The solution saves me at least half an FTE, some 20 hours a week. If I didn't have the managed services, I would have to have another half an FTE just to do the work that they do for us.

EventTracker has assisted our server administration team as well. If they're having software problems or access problems or the like, they have the ability, with all the logs now centralized in one place, to go to one place and do those searches, rather than to go individually, server by server by server, and try to figure it out. 

It's also tied into our enterprise firewall, which is Palo Alto. It really helps them in their troubleshooting time if they're having an issue. 

There are 3 aspects that EventTracker is very helpful to our organization.  One side is the information security side where it helps us quickly investigate an incident including false-positives. A second aspect is operational efficiency.  It would really take a lot of time to try to figure it out server by server but with EventTracker they can go to one place which has all those server logs. The third aspect is log archives. Once it makes it to EventTracker, they can keep local log storage space pretty low and don't have to burn a lot disk space on the local servers.

I also feel that EventTracker has better integration. Almost any product could integrate with just about anything else, given enough time and resources. But that's part of the managed services that we contract with EventTracker. We have integrations into Sophos (for antivirus), Office 365 (for email) and for our enterprise firewall (Palo Alto), and our Cisco networking equipment. So we've got all the critical infrastructure pieces integrated and all of those were integrations out-of-the-box-that I probably could have figured out if I had enough time. But I tell them what I'm trying to do and either they have a white paper which gives me one, two, three steps to do it, or they actually take over. I give them a service account. They take over, they do it, we do some testing and we go live with it.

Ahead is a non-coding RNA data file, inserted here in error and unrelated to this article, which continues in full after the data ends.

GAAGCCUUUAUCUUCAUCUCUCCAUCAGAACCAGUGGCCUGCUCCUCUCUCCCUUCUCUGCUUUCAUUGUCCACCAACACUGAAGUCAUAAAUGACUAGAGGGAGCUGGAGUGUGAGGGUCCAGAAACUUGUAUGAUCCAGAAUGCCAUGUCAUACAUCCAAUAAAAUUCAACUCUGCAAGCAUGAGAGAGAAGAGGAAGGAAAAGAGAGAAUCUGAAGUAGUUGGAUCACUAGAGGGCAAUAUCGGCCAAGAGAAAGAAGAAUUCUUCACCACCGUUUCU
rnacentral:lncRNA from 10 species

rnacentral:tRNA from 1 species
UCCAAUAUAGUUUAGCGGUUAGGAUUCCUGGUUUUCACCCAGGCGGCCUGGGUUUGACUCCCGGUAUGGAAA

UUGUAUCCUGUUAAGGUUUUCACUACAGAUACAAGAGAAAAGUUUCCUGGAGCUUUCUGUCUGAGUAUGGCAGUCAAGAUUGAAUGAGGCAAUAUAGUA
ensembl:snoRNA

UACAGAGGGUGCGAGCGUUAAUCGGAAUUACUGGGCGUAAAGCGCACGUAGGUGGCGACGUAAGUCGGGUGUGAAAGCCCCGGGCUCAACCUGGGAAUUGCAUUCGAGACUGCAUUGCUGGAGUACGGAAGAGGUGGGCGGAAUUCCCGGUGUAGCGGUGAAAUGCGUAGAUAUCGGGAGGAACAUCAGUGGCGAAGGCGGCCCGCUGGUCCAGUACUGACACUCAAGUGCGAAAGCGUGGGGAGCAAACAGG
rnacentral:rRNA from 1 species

Everything we have is a real-time feed. We don't have anything that is just batch and then it reads it in later. Especially on those real-time alerts that I mentioned, I know about each of those literally within minutes after it happens, because it's a real-time feed. The alert fires and sends me an email or a text, whichever I have set up.

We're also very impressed with EventTracker SIEMphonic. That's what they've renamed their SIEM tool. We use it quite a bit now. They've got something called potential insider threats that we look daily. Those are things like account creations and the like. A SIEM tool doesn't necessarily know, just because an account is created, whether it should have been created or if somebody created it to try to hide their tracks. Also, seeing things like logs being cleared on servers has been very helpful to us. We would have no other good way to get visibility into those types of things. An extension of that is the alerts that we talked about. It's really been really invaluable for us to get insight into our environment. There'd be no other way for us to really get that without either SIEMphonic or one of its competitors.

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Devo: insider threat
Manager of Security Services at OpenText

I run an incident response, digital forensics team for OpenText. We do investigations into cyber breaches, insider threats, network exploitation, etc. We leverage Devo as a central repository to bring in customer logging in a multi-tenant environment to conduct analysis and investigations.

We have a continuous monitoring customer for whom we stream all of their logging in on sort of a traditional Devo setup. We build out the active boards, dashboards, and everything else. The customer has the ability to review it, but we review it as well, acting as a security managed service offering for them. 

We use Devo in traditional ways and in some home grown ways.

For example, if there is a current answer response, I need to see what's going on in their environment. Currently, I'll stream logs from the syslog into Devo and review those. For different tools that we use to do analytics and forensics, we'll parse those out and send that up to Devo as well. We can correlate things across multiple forensic tools against log traffic, network traffic, and cloud traffic. We can do it all with Devo.

It's all public cloud, multi-factor authentication, and multi-tenant. We have multiple tenants built in as different customers, labs, etc. Devo has us set up in their cloud, and we leverage their instance.

We are using their latest version.